The Ford Taurus is a four-door, five passenger full-size sedan. The Ford Taurus is manufactured in Chicago, Ill. alongside the Mercury Sable and Lincoln MKS. There was a time when the Ford Taurus was the best-selling automobile in the North American market. Introduced in 1986, the Taurus provided mid-size sedan buyers with reliability, reasonable performance and excellent value for their dollar. As time went on, Ford’s Japanese competitors caught up in terms of quality and features, and buyers began to slip out of Ford showrooms and into shiny new Camrys and Accords. A dramatic oval-inspired re-design in 2000 further alienated Taurus customers and pushed the car farther away from the sales peak it had once rested upon.

For 2008, Ford has decided to rejuvenate the Taurus by essentially giving the vehicle a completely fresh start. Appropriating the vehicle formerly known as the Ford Five Hundred, the new Taurus replaces that poorly selling sedan as Ford’s mid-size offering, a move that the company hopes will pay off through cashing in on the Taurus’ brand recognition.

The Taurus has the now-familiar Ford three-bar center grille, and the rectangular styling extends back along gently creased side panels to end in an upright rear end with triangular tail lights. This gives the vehicle a somewhat pedestrian but not unattractive appearance. There are only two trim levels that can be ordered. The Taurus SEL comes equipped with Ford’s 3.5 liter Duratec engine which produces a healthy 263 horsepower via dual overheard camshafts and 4 valves per cylinder. This places it within range of both Honda and Toyota mid-size sedans, and lets the Taurus hit 60 miles per hour from a standing start in 7.6 seconds. The Duratec is mated to a six-speed automatic transmission. The SEL also features an optional Ford Sync multimedia management system, which was co-developed with Microsoft, as well as a leather wrapped steering wheel, 17-inch wheels and dual exhaust tips. The Limited version has more standard equipment, but not much more – both vehicles are very similarly equipped, and both have almost identical options. Either can also be had with either front-wheel or all-wheel drive.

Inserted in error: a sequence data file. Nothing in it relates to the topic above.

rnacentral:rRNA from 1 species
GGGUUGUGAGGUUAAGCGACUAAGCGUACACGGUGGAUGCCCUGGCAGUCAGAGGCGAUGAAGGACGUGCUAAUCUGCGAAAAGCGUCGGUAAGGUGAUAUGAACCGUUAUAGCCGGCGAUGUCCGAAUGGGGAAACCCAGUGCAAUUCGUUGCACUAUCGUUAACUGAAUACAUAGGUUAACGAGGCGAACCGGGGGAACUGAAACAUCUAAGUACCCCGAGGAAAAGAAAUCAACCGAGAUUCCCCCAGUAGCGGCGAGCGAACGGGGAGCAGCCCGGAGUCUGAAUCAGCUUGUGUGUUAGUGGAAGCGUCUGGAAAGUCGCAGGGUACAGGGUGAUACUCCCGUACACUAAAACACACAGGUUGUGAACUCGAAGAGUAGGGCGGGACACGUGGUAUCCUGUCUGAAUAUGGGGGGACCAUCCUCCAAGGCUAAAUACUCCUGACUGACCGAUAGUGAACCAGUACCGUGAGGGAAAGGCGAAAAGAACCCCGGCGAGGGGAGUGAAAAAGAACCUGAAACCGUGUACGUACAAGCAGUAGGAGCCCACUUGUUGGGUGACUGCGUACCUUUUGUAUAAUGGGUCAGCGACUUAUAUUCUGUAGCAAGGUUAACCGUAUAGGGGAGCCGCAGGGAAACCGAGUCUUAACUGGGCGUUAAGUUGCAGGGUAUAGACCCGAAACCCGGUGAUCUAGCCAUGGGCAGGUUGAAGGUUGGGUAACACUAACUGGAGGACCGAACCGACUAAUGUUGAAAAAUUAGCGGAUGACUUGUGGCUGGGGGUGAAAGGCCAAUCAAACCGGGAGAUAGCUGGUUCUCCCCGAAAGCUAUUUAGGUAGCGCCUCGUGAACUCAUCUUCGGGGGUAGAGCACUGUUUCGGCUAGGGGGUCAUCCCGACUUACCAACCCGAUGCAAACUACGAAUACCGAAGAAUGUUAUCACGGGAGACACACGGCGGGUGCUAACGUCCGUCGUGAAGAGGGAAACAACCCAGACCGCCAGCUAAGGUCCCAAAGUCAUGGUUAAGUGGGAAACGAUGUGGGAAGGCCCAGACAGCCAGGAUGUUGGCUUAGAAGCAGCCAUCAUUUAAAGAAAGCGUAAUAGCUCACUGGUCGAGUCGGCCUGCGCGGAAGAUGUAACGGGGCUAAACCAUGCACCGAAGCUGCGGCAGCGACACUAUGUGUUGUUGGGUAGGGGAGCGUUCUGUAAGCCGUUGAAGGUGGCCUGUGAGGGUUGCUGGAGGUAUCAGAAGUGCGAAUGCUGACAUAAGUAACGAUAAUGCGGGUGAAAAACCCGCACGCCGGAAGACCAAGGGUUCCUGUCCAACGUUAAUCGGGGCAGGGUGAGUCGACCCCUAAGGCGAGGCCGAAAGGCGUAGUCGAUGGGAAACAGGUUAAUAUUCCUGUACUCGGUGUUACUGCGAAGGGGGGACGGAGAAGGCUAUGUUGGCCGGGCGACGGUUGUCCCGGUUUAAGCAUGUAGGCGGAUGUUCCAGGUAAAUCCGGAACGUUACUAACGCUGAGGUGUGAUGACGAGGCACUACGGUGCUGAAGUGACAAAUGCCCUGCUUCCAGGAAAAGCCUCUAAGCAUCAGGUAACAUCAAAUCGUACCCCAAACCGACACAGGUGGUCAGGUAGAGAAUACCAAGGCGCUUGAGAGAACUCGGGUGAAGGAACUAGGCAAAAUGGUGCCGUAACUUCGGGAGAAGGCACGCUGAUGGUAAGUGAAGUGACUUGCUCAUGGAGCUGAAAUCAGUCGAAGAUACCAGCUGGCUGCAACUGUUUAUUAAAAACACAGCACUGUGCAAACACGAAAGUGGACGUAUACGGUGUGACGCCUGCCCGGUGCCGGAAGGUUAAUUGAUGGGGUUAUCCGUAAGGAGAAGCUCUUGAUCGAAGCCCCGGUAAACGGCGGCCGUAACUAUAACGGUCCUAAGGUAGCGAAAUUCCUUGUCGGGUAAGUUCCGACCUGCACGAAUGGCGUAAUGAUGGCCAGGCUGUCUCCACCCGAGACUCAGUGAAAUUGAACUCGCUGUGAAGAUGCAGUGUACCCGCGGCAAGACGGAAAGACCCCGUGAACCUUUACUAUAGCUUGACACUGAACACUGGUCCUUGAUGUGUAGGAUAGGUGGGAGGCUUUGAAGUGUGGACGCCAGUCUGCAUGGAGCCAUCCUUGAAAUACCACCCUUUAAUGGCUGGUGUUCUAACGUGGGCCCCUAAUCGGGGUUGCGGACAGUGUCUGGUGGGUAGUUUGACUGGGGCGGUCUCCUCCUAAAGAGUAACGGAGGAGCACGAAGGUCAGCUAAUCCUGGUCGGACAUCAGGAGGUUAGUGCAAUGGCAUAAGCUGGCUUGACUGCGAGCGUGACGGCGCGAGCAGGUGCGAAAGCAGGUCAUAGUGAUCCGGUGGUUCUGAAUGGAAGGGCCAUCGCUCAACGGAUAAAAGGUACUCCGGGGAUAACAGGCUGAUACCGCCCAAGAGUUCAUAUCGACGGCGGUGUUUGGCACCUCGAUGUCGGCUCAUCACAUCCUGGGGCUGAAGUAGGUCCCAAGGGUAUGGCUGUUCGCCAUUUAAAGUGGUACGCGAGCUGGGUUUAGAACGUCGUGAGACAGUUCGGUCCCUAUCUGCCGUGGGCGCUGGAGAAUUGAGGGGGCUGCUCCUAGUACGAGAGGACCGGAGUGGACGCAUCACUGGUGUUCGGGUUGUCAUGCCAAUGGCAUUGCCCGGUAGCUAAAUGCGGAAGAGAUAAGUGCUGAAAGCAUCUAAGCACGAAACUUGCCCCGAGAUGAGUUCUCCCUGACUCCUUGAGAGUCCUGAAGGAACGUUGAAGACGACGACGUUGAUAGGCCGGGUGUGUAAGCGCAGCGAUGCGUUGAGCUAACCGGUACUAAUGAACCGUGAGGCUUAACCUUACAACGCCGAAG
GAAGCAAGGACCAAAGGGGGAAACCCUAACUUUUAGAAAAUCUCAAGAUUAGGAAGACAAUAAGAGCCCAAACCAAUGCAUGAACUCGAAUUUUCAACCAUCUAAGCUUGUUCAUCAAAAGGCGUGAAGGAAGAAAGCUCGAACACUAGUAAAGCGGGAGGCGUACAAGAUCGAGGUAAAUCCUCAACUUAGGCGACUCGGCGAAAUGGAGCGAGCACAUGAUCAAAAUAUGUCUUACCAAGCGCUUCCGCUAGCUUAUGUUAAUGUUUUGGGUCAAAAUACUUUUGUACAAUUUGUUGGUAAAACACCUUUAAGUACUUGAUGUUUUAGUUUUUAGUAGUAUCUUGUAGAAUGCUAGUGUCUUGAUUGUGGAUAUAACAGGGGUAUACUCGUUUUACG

Inside, the Taurus has ample space for 5 adults, and the rear seats are quite comfortable. A generously sized trunk can be combined with the folding rear seat to haul quite a bit of cargo, making the new Taurus an improvement over the outgoing model in both these respects. The interior feels more upscale than the previous generation, and this helps it stand up against the class leaders in terms of materials quality and fit and finish.

From a driving perspective, the Taurus makes excellent use of its newfound horsepower, with a smooth-shifting transmission and a decent suspension setup. Combining all-wheel drive with the option of electronic stability control gives the driver excellent confidence when piloting the Taurus through snow and other adverse weather conditions.

Ford has done a good job of re-positioning the Taurus to give it new life in an increasingly competitive sedan market. By giving the vehicle the attention to detail that it required in order to vault it back onto the shopping lists of families across North America, the automaker looks to be in a solid position for the introduction of the next generation Taurus in 2010.

The 2009 Ford Taurus is a carryover from 2008. The 2009 Taurus is available in three different trim levels. The SE, SEL and Limited all make use of the same 3.5 liter V6 engine that produces 263 horsepower and 249 lb-ft of torque. In front-wheel drive configuration, the engine’s fuel economy is rated at 18 miles per gallon in city driving and 28 miles per gallon on the highway. This number drops to 17 miles per gallon in the city and 24 miles per gallon in highway cruising when the Taurus is equipped with all-wheel drive, which is an option on the SEL and Limited trims. All versions of the Taurus us a 6-speed automatic transmission.